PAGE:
by Peter Worthington, Toronto Sun, Sept. 1995
Copyright 1994 and 1995, The Toronto Sun, a division of Sun Media Corporation
Until I read a pocket book (Vanished in the Gulf) written and published by the Toronto Sun’s all-purpose reporter, Joe Warmington, I’d paid only cursory attention to the disappearance of those four young Toronto area men on a scuba-diving holiday in the Gulf of Mexico last November.
While the media stressed the “mystery” even (especially?) after one of the young men was rescued 36 hours later, I tended to view it as simply another tragedy and one of those things that happen when people go adventuring on salt water.
After reading the book - a vaguely unsatisfying, provocative account of Joe’s coverage of the case - I find unanswered questions more puzzling than the disappearance.
Warmington is one of those reporters whose various enthusiasms drive editors nuts, but who is indispensable when a big story breaks. He’s a self-starter - surprisingly rare in newsrooms - and wrote and published a previous book on country singer Billy Ray Cyrus. In my mind’s eye I see Warmington hustling that book from the back of a station wagon down in Nashville.
Warmington was a natural choice to cover the disappearance in the Gulf of Omar Shearer, David Madott and Kent Munro, all friends, all bright, all capable, all 25. Their guide and pal was Jeff Wandich, whose family owned property in Mississauga and Florida. He arranged the outing on a 25-foot boat powered by two 225-hp outboard motors.
On the afternoon of last Nov. 4, while diving on a sunken ship 60 miles into the Gulf of Mexico southwest of Ft. Myers, their boat sank. The three friends, all wearing wet suits and buoyancy devices, disappeared, while Wandich managed to swim to a light tower four miles away and was rescued 36 hours later.
The largest search in Gulf history turned up only a camera bag floating in the sea. The sunken boat was recovered intact. A shaken Wandich told puzzled Coast Guard and FBI what happened. No one suggests foul play, just mystery. From Warmington’s book, unanswered questions are intriguing:
- Why did the boat sink? It was undamaged, the seacocks were closed, and although two of them were aboard when it was being swamped, batteries powering the bilge pumps were not turned on. Why not? Using bilge pumps is automatic.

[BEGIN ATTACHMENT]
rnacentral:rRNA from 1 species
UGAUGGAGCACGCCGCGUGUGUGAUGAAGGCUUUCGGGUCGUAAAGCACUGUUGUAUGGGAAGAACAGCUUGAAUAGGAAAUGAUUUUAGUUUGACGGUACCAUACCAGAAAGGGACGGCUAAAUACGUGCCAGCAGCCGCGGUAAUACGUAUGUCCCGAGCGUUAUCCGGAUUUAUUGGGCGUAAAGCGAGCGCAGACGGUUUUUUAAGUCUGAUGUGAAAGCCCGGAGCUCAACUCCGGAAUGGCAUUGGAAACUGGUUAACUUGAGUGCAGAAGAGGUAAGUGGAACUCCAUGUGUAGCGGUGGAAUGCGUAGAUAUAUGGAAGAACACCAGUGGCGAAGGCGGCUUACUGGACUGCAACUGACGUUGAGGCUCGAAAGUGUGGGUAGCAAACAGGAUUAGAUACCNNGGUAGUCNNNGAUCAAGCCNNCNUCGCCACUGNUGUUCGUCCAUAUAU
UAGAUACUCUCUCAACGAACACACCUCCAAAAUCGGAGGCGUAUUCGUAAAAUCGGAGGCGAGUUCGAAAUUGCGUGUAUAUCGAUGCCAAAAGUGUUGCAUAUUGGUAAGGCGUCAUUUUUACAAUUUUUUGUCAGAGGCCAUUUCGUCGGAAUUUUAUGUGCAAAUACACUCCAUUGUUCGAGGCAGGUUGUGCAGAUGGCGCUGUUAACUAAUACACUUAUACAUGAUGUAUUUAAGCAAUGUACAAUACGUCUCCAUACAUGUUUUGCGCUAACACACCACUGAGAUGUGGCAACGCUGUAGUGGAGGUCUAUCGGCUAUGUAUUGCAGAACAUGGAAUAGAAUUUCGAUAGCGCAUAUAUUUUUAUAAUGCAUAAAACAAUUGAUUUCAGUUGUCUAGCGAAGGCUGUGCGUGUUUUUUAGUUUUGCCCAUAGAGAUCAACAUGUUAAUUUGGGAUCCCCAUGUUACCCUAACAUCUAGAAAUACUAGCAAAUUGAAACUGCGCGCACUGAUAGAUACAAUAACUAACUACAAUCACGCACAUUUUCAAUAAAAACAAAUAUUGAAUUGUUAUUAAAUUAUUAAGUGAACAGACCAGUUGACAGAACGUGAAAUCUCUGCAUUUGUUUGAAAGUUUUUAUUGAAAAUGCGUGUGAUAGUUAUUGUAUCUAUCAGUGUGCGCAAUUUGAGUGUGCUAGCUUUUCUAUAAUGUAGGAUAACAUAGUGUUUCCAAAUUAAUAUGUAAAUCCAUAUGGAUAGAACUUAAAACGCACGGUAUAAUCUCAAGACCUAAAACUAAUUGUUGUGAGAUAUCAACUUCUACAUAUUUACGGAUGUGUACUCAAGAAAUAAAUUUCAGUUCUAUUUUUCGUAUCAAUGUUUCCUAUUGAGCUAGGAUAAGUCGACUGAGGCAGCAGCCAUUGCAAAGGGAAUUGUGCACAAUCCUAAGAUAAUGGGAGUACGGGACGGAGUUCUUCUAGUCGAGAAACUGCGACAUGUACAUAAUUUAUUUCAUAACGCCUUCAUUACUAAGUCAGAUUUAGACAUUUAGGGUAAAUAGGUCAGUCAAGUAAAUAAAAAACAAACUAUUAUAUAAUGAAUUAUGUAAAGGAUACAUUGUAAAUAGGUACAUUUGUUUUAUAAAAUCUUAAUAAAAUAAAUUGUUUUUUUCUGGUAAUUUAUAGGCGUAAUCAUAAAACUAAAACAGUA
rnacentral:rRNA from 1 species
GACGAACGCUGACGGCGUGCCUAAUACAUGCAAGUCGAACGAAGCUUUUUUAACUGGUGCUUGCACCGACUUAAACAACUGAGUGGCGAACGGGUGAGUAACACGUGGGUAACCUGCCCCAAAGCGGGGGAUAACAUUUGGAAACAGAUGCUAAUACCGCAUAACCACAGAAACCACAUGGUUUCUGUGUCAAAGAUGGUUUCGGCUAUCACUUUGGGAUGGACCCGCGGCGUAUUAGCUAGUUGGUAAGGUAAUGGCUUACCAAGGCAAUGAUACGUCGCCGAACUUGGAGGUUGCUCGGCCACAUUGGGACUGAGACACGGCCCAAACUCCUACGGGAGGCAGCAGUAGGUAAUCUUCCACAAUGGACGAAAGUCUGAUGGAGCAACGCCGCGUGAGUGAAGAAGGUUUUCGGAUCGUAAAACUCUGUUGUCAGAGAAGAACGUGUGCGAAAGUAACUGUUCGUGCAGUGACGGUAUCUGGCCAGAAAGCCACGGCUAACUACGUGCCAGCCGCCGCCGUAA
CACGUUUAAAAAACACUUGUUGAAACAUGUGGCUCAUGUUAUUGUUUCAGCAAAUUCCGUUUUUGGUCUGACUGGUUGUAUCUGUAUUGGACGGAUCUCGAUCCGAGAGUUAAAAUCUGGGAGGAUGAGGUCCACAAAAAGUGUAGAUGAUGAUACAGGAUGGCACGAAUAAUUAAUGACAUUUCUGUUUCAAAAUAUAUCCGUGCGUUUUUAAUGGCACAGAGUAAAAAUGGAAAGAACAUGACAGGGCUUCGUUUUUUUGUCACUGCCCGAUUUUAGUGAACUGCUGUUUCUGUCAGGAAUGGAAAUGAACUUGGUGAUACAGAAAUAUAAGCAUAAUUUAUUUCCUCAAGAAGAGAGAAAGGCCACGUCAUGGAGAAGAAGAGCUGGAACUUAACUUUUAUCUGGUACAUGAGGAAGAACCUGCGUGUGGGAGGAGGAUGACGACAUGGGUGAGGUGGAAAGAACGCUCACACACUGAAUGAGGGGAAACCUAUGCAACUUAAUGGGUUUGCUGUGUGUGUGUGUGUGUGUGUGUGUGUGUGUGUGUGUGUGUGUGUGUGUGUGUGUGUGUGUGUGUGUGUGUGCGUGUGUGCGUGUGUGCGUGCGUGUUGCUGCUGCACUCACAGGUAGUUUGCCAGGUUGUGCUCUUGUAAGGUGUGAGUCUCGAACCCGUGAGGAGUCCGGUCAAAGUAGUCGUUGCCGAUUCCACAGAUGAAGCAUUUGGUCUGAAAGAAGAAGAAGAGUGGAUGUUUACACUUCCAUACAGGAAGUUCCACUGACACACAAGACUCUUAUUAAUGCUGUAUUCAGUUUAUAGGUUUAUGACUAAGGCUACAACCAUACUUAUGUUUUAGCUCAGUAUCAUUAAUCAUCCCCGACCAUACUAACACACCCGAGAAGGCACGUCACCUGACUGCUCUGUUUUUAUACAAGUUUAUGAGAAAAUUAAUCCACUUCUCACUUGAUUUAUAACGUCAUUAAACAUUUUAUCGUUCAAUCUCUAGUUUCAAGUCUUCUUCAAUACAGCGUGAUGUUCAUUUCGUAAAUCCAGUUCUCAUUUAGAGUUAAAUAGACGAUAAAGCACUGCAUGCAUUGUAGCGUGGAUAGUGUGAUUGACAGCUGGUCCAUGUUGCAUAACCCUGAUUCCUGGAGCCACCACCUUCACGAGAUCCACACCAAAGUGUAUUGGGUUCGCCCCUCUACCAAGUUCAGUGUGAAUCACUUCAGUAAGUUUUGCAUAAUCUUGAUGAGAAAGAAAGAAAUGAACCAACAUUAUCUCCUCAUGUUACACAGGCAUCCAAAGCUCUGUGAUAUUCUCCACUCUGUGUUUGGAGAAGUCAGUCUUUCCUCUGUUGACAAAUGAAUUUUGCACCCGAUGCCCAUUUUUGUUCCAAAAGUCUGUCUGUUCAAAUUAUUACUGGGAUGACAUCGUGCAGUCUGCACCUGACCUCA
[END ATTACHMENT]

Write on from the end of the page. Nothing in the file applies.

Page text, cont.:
- Although all were diving at the same time, contrary to safety rules, why didn’t the two who had returned to the boat and found it sinking, use the radio for a “Mayday” call? This was a much travelled area and rescue would have been assured.
- When it was obvious the boat was sinking, why wouldn’t the pair on board (Omar and Kent), still in wet suits and with buoyancy devices, put on flippers when they abandoned ship? Their flippers were subsequently found in the sunken boat. One would think using flippers would have been automatic.
- When the four were together in the water watching the boat sink, why would one (David) supposedly tie himself to it, which is what Wandich says happened? (Wandich cut him loose). Why wouldn’t the four use the rope to link themselves together?
- When David apparently dived to the sinking boat, why would he bring up a plastic bag of fish bait and scatter it over the water, thus risk attracting sharks? Why would he not have “rescued” flippers for his friends, or the emergency flares?
- Why would the four choose to fish that morning and dive in late afternoon? Apparently, it’s standard to dive early when the light is best. Going out all day, why wouldn’t they have taken sandwiches? Who goes out for a day without snacks?
- When they got separated and Wandich (wearing flippers) made it to the light tower, how come he didn’t climb to the top to be seen? And how come rescue helicopters failed to see him that first night when they circled it with spotlights? Surely, that’s the first place the Coast Guard would have checked?
- All were wearing unsinkable flotation devices, so even if they drowned they’d still float. The weather was reasonable, and if sharks had attacked (an occurrence rarer than is popularly believed), there’d be wreckage. Yet nothing.
As I say, there are no answers. Wandich, the only survivor, has been interrogated and there is no reason to question his story - he even underwent lie detector tests.
Warmington’s book doesn’t speculate, but families of the missing men have offered a $75,000 reward for information leading to their safe return - $25,000 each ($5,000 if dead). Anyway, it’s a provocative mystery and a quick read for $5.99 at Coles or SmithBooks, or from Warmington (plus $2 mailing) at the Sun, 416-947-2392.
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